Karma Tashi, 54, from Tongling Pam in Trashigang had a bountiful harvest last year.

The farmer attributes the good yield to his hard work and the newly installed electric fencing in the chiwog.

He claims that the harvests in the chiwog increased after the installation of the 2.75km electric fencing in early 2013. The fencing was further strengthened when the dzongkhag approved the renovation of the fencing last year.

Today while the rest of the four chiwogs in Radi are grappling with a constant attack of wild boar and monkey on their crops, residents of Tongling Pam chiwog are enjoying good harvests.

Records available from the gewog state that the gewog lost 1,912kg of paddy and 2,636.02kg of maize to wild boar last year. In 2015 some 1,462kg of maize were destroyed by wild boars.

According to the residents, the gewog has been losing crops to wild boars and monkey for the past few decades.

The gewog agriculture extension supervisor, Pema Wangchen, said that people from 123 households have approached him requesting for the electric fencing at their fields.

He said that more than 332 acres of the field would be covered if the proposal gets through. There are 765 farming-households in the gewog.

Pema Wangchen said that initially, people did not opt for electric fencing because it was labour intensive.

He explained that it takes about two weeks to clear the ground for the installation.  “The fencing needs constant grass cutting, which many farmers don’t desire.”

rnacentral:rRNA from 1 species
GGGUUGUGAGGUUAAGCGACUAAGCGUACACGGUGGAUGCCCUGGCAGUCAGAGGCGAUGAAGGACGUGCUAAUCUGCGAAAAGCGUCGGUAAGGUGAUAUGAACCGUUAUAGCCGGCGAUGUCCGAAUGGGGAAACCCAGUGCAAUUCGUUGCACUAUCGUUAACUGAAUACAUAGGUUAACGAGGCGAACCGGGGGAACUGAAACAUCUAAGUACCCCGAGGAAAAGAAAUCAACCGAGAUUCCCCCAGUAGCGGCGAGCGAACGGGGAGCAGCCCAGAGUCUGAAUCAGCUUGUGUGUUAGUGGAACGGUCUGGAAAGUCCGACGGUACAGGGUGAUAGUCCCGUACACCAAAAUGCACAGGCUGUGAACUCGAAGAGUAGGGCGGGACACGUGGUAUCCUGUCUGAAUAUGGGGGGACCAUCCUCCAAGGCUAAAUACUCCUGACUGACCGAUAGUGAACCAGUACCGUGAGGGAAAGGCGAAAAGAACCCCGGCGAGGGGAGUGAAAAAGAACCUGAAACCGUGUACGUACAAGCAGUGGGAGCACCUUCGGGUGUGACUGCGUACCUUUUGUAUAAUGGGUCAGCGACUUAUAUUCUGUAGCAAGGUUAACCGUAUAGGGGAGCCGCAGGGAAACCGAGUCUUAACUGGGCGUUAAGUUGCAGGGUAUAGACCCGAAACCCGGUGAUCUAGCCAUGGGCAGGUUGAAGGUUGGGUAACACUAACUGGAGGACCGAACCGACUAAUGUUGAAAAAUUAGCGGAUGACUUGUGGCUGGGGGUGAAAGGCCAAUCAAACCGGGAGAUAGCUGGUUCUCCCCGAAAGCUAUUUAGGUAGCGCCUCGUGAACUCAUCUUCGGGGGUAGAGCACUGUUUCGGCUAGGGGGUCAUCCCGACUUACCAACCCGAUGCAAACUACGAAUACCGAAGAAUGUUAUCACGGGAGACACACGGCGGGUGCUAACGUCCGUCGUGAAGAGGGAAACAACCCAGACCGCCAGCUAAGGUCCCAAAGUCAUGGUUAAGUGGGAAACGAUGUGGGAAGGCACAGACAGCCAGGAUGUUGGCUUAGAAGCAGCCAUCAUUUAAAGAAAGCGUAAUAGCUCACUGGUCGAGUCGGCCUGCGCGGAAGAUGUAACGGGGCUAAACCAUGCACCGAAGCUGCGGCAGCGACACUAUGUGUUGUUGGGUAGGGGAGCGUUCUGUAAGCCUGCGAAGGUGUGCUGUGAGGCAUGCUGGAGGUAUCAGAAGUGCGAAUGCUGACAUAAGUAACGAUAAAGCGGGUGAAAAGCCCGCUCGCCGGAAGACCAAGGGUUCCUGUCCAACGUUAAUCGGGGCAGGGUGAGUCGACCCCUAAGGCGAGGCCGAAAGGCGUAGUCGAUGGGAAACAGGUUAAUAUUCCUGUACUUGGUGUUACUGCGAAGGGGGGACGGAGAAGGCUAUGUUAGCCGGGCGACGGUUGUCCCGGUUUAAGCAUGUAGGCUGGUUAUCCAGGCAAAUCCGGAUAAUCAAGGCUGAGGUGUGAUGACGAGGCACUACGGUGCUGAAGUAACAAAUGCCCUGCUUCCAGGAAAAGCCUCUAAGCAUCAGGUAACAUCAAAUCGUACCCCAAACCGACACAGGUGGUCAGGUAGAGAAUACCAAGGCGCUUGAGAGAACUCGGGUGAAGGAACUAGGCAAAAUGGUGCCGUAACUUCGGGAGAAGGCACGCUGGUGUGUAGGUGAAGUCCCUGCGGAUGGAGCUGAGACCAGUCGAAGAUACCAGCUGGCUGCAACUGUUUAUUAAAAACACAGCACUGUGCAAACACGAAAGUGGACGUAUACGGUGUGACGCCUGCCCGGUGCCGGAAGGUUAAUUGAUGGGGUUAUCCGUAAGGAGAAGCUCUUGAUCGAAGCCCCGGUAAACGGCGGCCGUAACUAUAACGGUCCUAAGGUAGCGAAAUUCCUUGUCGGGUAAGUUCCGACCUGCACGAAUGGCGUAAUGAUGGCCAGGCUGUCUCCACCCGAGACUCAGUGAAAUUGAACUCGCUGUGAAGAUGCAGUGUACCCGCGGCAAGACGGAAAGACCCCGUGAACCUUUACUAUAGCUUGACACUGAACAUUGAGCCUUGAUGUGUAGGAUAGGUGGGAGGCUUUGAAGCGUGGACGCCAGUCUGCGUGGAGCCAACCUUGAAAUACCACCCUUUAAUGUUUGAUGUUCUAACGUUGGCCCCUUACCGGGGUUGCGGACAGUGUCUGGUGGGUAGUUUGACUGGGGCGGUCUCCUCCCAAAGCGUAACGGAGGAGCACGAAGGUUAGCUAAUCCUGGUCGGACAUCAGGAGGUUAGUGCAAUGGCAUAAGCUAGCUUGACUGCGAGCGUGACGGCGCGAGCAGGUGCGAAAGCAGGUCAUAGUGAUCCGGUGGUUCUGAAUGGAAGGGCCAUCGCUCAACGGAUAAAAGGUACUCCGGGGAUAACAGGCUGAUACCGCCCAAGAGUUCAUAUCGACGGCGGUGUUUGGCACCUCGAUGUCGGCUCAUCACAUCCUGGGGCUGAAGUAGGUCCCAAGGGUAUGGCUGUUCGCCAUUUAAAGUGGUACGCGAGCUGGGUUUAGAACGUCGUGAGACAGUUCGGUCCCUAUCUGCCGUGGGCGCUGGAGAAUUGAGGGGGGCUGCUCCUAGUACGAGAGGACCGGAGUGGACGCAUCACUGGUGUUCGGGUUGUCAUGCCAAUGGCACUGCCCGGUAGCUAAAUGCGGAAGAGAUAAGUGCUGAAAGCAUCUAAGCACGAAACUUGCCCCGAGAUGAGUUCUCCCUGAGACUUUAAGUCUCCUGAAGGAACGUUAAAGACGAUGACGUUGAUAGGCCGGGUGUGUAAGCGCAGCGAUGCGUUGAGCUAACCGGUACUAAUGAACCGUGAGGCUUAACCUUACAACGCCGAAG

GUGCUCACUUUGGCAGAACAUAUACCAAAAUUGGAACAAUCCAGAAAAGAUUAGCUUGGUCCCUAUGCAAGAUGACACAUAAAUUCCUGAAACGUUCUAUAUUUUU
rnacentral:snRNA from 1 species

He also said that some farmers were also hesitant to procure materials that are required for the fencing such as the fencing posts, charcoal, salt and used engine oil among others. “It cost about Nu 1,200 for farmers.”

Radi gup, Kulung, said that because of electricity and biogas stoves in the villages, the use of firewood has decreased, resulting in dense forest and increase of wild animals.

Pema Wangchen said that every year about 50 percent of the crops that are located near the forests are lost to wild animals. “There is an urgent need of electric fencing here in the gewog.”

Wild boars are the most common animals that attack the crops in the gewog followed by monkeys, porcupines and barking deer.

Meanwhile, the agriculture sector of the gewog received the highest budget in the 2017-18 financial year. Of the Nu 10.63 million (M) allocated to the gewog, agriculture received Nu 5.673M. However, there is no provision for electric fencing in the budget.

Pema Wangchen said that the dzongkhag provides a separate budget for electric fencing based on the requirement and severity of the problem.

Younten Tshedup |  Trashigang